We saw Sammy Sosa
become just the fifth player in history to reach 600 homers, and Ken Griffey Jr.
is just nine away himself. Jim Thome needs seven homers to make it three players
to reach 500 this season, and Manny Ramirez needs 11.
Finally, Tony Gwynn and Cal Ripken drew a record 70,000 people to Cooperstown for their induction.
Will we ever see such greatness again in one season. Baseball is on a terrific roll, and I decided long ago I’m going to enjoy the game I love. I’m going to let everybody else worry about things I can’t control, like who’s on what drug and who’s dating whom. Besides, unless they tell us, will we ever really know?
I was watching the Giants and Dodgers play on Wednesday night and rookie Rajai Davis did something in the game that used to be commonplace: HUSTLE.
What made it even worse is that everybody I was watching the game with and the broadcasters noticed it. His hustle going from second to third and rounding third base so hard, looking like he might go home, stood out like a sore thumb. Shame on us!
Has our level of accepted lack of hustle fallen so much that a rookie made people take notice by doing what used to be the norm? Ernie Harwell, the Hall of Fame broadcaster once said to me "Harold, a good umpire is like a good driver in traffic. You never notice he’s there."
The year was 1975. I was in the eighth grade and just starting to really get into baseball. The Reds were the "in vogue" team to watch. They had Joe Morgan, Tony Perez, Johnny Bench, you name it. Stars across the board.
As the oldtimers would say, "Now that’s a team that played the game right." They stole bases, hit and ran, hit for power, hit for high average and played great defense: the perfect five-tool team.
One player personified what they were all about, and that was Pete Rose. He had all the five tools like the rest of the Hall of Fame cast. The one thing that separated Charlie Hustle from everybody else was his hustle.
Not just sprinting to first after a walk or stretching a single into a double, but rather the head-first slide when he went from first to third on a single or diving head-first stretching a double into a triple with hair flopping and helmet flying for effect.
Every kid wanted to go first to third like Pete or dive head-first with helmet flying, only two things were required: get on base, then hustle. How difficult is that?
Isn’t that the way the game is supposed to be played? It’s a shame that we praise a rookie for playing the game right. If others would play the game the right way, maybe we wouldn’t notice them in traffic.
My grandmother used to always say practice makes perfect. If you practice right, you play right, if you practice wrong, you play wrong.
In 1979, my senior year in high school, I accepted a recruiting trip to visit San Diego State University. Tough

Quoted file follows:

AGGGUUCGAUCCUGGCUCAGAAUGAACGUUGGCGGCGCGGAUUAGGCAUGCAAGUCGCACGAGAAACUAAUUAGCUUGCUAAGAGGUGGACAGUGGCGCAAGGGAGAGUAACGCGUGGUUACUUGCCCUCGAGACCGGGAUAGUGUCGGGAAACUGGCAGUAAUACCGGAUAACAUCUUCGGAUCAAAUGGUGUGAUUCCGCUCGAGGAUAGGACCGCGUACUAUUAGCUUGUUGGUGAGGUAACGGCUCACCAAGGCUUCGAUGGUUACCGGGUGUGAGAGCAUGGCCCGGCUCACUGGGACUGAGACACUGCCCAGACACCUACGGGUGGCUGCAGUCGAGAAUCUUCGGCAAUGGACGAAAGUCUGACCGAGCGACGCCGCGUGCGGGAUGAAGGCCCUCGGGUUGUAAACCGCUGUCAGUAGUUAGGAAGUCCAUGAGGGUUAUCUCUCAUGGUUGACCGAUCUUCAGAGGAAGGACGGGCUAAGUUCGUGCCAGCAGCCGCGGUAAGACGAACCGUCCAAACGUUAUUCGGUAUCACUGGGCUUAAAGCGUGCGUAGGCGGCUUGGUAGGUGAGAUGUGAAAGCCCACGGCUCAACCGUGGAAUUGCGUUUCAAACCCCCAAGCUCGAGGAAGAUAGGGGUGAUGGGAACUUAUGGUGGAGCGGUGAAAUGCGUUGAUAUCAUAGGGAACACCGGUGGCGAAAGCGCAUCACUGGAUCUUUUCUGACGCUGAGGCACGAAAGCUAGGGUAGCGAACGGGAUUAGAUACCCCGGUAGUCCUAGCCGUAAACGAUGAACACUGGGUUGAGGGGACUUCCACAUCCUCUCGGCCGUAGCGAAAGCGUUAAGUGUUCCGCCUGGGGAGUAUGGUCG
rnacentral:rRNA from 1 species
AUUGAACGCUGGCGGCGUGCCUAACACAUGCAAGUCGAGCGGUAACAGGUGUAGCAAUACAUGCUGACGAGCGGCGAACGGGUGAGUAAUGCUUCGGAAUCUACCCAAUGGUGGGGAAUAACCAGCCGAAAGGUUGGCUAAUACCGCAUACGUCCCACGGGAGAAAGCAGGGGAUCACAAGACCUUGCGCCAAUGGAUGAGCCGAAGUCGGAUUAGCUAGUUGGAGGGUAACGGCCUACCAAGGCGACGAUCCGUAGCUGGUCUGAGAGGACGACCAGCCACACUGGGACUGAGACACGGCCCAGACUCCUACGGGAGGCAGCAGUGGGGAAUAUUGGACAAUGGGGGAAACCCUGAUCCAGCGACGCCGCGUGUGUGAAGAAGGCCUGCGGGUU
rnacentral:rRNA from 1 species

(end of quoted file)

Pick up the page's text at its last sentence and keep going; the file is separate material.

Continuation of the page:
choice, huh?! Anyway, my hosts on the trip were former Yankee shortstop Bobby
Meachem and former Mariner farmhand Vic Martin (they were both sophomores at
SDSU). Their job, outside of convincing me to attend college there in the fall,
was to introduce me to Tony Gwynn, the best hitter in the nation according to All-American shortstop Meachem. I was excited and I couldn’t wait to meet this so-called "great hitter." The way I saw it, I had a great junior year, I was All-State and I knew I would be a high draft pick that spring. (I would hit .594 in my senior year and be drafted by the Padres in the fourth round.) A little cocky? No, bring on the greatest hitter in the nation, I can’t wait to see him.
We got in the car and headed straight for the arena. The arena?? They don’t play baseball in an arena, they sure don’t. No, I was going to meet this great hitter after his basketball game. You see, Tony Gwynn was the All-Conference point guard on the basketball team at SDSU. Not only could he hit, but he could also hoop. The next year he was drafted by the San Diego Clippers
of the NBA. I watched in awe that night as Tony, with his afro, picked apart the defense. I kept thinking to myself, "If he’s this good in basketball, he must really be something special on a diamond." He had the ability like most great point guards to read the defense on the fly and make the adjustments. It wasn’t until years later that I saw that same thing perfected by him on the diamond.
It was 1982 and I was in Arizona at instructional league for the
first time with Tony and Darnell Coles. Tony would come to the plate, look around surveying the infield then hit a five-hopper through the infield for a single. After this would happen two or three times, Darnell, playing shortstop, and I, playing second, would look at each other and say, "He’s the luckest hitter in the world." We
would then start moving all over the infield to try and defend him, two steps to the left, three steps to the right and he still would dribble one through. "Lucky chump." "Hit the ball hard." Gwynn: four hits! Gwynn: three hits! Every time we played him he would find the hole. Practice makes perfect.
In 1994, I signed with the Padres, and I finally got to see how this "lucky chump" does it. He had me meet him in the cage every morning at 7 during Spring Training. While most players are still asleep, Tony Gwynn would be hitting in the cage. First off the tee for 30 minutes, then off the machine for 30, all before anyone showed up. Long after Darnell and I had fininished our major league careers, 15 years for him and 12 years for me, we watched from different places in the country as Tony got his 3,000th hit. Shortly after the hoopla, the man who was the best man in my wedding called.
"How ’bout that Tony Gwynn? 3,000 hits — that’s amazing," Darnell said.
I replied: "He’s special."
Darnell said with a laugh: "He’s lucky!"
Practice makes perfect. Congrats, Tony!